Growing up I was taught to value the greatness and splendor that is The United States of America. For a variety of reasons, The United States was the greatest and best country ever in the whole world and anybody who disagrees was suspect of treason (or hellfire and brimstone). Even in church we learned that we are citizens of God’s Kingdom while at the same time were citizens of a really awesome country (even now, we have to admit there are a lot of awesome things about living in the United States). At vacation Bible school we pledged allegiance to the American flag, the Christian flag, and the Bible (none of which are actually in the Bible itself!).
For a long time I reconciled dual allegiance by seeing my Kingdom citizenship as superior to my earthly citizenship. So long as my allegiance to my country didn’t dominate my allegiance to King Jesus, it was okay to pledge allegiance to my country. Unless my country asked me to disown or disobey my True King, I was free to be an active or supportive participant in my country’s agenda.
I can understand the appeal to a “dual citizenship,” and in many aspects there is no conflict of interests to claim citizenship to both. Some country on earth claims us as its citizen. So what? For many, renouncing their citizenship is not an option, and sometimes there are many benefits to citizenship in a particular country (I’m sure many world-traveling Canadians are proud they aren’t Americans!). Even the Apostle Paul leveraged his Roman citizenship when necessary to advance the Kingdom of God.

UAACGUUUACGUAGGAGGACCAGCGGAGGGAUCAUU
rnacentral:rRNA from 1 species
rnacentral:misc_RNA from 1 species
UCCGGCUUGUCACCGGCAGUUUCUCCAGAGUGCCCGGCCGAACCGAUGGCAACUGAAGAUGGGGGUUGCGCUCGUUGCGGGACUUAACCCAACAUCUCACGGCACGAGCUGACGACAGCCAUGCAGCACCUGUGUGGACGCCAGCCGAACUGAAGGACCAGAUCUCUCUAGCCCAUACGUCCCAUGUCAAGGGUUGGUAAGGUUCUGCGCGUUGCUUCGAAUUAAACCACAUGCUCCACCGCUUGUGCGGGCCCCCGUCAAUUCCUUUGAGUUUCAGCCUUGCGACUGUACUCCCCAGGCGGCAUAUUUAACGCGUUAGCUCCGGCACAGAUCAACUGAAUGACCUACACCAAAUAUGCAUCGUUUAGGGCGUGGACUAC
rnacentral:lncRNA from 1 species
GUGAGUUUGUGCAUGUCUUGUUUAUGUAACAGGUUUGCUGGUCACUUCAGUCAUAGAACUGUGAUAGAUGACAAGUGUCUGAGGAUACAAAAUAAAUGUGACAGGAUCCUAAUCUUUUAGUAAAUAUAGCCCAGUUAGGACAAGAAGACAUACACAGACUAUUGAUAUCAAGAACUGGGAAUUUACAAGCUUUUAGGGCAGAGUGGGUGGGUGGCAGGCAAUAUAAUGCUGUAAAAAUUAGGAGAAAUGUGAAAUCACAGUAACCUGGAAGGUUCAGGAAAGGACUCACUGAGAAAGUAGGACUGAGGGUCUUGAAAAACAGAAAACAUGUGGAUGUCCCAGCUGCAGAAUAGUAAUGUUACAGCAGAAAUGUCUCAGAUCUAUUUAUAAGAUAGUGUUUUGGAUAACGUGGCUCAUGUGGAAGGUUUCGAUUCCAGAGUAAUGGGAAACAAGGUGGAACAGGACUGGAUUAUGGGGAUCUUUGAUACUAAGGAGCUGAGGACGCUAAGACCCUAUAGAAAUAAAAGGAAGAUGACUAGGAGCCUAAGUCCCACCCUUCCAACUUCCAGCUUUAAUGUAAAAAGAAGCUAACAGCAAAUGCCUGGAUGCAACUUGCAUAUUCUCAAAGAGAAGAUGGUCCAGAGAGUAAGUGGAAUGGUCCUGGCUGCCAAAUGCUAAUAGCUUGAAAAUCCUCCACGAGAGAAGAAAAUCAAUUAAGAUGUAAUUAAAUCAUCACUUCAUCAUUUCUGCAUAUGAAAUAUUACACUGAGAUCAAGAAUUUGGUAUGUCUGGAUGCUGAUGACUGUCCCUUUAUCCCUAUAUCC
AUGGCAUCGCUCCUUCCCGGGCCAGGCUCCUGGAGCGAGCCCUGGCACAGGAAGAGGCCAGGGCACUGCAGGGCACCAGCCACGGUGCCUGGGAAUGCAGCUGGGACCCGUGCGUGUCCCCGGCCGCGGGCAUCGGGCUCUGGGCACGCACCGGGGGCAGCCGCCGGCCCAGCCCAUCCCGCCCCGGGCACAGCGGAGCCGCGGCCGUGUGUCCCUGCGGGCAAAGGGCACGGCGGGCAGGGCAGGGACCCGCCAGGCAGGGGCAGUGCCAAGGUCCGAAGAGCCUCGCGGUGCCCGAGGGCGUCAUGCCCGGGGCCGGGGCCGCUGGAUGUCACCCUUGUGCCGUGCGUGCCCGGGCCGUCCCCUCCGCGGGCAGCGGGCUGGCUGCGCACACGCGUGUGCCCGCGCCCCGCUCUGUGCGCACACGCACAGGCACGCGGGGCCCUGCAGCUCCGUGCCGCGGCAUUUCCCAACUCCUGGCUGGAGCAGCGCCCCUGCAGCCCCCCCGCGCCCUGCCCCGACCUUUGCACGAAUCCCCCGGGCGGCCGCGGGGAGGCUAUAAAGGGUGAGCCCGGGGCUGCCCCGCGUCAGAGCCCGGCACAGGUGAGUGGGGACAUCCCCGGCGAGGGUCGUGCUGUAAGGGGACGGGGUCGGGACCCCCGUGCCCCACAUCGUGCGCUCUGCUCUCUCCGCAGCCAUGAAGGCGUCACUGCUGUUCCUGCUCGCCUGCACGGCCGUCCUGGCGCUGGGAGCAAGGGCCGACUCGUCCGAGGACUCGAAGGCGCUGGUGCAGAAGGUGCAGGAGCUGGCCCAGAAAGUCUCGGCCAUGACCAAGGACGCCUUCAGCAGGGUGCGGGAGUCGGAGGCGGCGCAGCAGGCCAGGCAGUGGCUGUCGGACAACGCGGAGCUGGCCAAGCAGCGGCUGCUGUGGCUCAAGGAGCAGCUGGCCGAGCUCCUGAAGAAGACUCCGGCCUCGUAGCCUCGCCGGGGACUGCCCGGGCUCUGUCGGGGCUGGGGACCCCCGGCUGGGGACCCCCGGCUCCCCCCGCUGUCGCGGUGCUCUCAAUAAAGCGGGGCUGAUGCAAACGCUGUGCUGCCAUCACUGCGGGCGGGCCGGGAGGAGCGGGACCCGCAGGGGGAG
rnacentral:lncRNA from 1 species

Allegiance, on the other hand, is a wholly different matter altogether. Allegiance is far more involved than merely acknowledging the claimant of our earthly home. Allegiance is announcing by our acting and living day to day in the real world. According to New Testament scholar and historian of the first-century N.T. Wright, living as Christians in the world is not merely living lives where fewer sins are committed than those who don’t claim Christ as Lord. Rather, living Christianly is walking and proclaiming with all we are that Jesus is Lord—and if we are to take seriously the first century context in which the gospels were written, that means that we are implicitly agreeing that Caesar is not Lord! That is, we do not claim allegiance to Caesar but to Jesus the Anointed One.
The trick to understanding our citizenship on earth and citizenship in the Kingdom of God is to be wary of our allegiances to another king. If Jesus, through his life, death, and especially the resurrection, has announced and demonstrated that God’s new world is breaking through into our world, then our allegiance is to anything and everything that displays that in-breaking of God’s reign. Where God reigns, the kingdoms of this world do not.
Somebody once asked me if I care about the United States remaining a nation. I replied, “I don’t really care what we call it or how big it is or how long it lasts. I simply want people to be free!” As a Christian, there’s certainly more to my desire than for people to be just free. My desire is that everyone will discover their place in God’s movement in the world. But that movement can take form in whatever manner God sees fit, from whomever from whatever country in any place on earth.
(The thoughts above were inspired by my reading of Tim Suttle’s last chapter in Public Jesus. In my next article I’ll wrap up my live blog of each chapter in the book, including a discussion on what it means to be politically-involved followers of Jesus.)